247 Magazine
No Comments


Decrease Font Size Increase Font Size Text Size Print This Page

Beth Orton has been off the radar for a while not and judging my the rotund tummy underneath her baggy top, it’s clear to see why. The down to earth singer has been busy with babies. But that doesn’t mean she’s gone all gaga and her execution of her poignant songs at the Cardiff Glee Club proved that. Beth Orton is an understated beauty, her boyish haircut and slightly risque quick wit making for compelling intersong banter. She revealed her Welsh heritage and joked about singing in an accent but thankfully she didn’t give that one a whirl. She also apologised for the lack of new material (and admitted it was due to baby making/rearing) but assured us she’d be going back into the studio soon and may even records two albums back to back. She went on to showcase a new song called Candles, which she described as a ‘work in progress’ but which went onto become one of the highlights of the set. More like that please Beth.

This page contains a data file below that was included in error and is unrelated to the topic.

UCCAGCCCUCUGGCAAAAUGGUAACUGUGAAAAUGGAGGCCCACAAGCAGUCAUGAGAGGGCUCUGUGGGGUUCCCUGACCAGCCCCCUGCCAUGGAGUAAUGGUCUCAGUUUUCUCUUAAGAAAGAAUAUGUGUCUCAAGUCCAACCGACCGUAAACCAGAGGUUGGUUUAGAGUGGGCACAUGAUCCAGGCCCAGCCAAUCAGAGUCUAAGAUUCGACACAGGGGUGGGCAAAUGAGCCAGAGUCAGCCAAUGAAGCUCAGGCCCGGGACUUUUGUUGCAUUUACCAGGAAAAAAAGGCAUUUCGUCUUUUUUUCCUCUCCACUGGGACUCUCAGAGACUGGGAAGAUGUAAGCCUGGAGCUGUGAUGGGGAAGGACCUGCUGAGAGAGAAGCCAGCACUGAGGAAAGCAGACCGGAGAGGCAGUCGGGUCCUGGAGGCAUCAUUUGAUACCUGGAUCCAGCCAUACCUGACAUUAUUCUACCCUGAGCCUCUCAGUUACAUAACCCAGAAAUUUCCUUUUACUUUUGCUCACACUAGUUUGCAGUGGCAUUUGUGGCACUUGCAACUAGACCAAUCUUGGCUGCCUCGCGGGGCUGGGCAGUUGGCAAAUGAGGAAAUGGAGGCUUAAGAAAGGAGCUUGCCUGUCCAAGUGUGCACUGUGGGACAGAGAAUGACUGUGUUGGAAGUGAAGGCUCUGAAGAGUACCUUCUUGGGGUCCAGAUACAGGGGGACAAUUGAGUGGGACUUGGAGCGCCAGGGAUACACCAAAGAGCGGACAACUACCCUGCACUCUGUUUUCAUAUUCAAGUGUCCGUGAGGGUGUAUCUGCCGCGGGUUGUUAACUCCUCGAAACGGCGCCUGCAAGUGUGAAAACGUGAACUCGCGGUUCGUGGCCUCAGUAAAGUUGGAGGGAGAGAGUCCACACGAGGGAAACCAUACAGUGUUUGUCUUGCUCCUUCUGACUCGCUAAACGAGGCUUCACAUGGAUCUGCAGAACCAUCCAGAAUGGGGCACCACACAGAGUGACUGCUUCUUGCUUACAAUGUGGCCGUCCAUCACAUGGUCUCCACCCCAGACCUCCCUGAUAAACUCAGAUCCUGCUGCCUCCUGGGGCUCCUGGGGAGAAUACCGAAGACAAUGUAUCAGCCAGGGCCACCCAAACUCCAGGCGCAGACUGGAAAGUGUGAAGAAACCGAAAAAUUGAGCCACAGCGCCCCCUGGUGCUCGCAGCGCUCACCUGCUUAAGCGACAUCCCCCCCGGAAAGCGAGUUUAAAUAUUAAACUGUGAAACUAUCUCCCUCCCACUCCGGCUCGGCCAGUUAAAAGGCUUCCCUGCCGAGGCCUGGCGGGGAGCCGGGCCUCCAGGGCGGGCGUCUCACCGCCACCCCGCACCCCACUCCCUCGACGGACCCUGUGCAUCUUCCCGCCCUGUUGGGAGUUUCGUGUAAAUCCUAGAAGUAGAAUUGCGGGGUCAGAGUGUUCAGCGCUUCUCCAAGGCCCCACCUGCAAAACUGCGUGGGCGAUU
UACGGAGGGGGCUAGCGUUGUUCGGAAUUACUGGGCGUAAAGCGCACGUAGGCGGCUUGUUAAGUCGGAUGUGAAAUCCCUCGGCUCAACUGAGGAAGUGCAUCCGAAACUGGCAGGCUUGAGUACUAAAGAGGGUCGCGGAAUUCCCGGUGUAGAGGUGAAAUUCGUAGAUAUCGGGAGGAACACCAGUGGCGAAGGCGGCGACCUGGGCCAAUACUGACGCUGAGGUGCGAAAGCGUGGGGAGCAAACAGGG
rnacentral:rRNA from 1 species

She opened with the upbeat Someone’s Daughter with a simple guitar part and those signature fragile yet powerful vocals, before launching into a tirade of ballads, including Stolen Car, She Cries Your Name and Central Reservation – which proved the highlight of the set. You can’t fault Beth on her lyrical ability; she manages to sum up some quite philosphical musings in a couple of very succinct lyrics. None more so than in I Wish I Never Saw The Sunshine…which is followed up with the line ‘then maybe, I wouldn’t mind the rain.’ or in Sweetest Decline where she repeats ‘What are regrets? Just lessons you haven’t learned yet.’ Brilliant. Then came the request part and after siphoning through the torrent of heckled requests she opted for the beautifully stark Blood Red River, which she forgot the words to midway through. Oops. Still, it didn’t fail to impress. Granted her voice wasn’t on top form, due to the obvious affliction of a stinking cold (hacking between songs and constant water supping) but she still managed to hit most of the notes in the distinctive warbly way she does. But the notes she didn’t make and the staccato squeaking was pretty poor; though what was the alternative? Cancelling the gig? Nope, we’re glad she pushed on with the show.

Words and photo: Laura Williams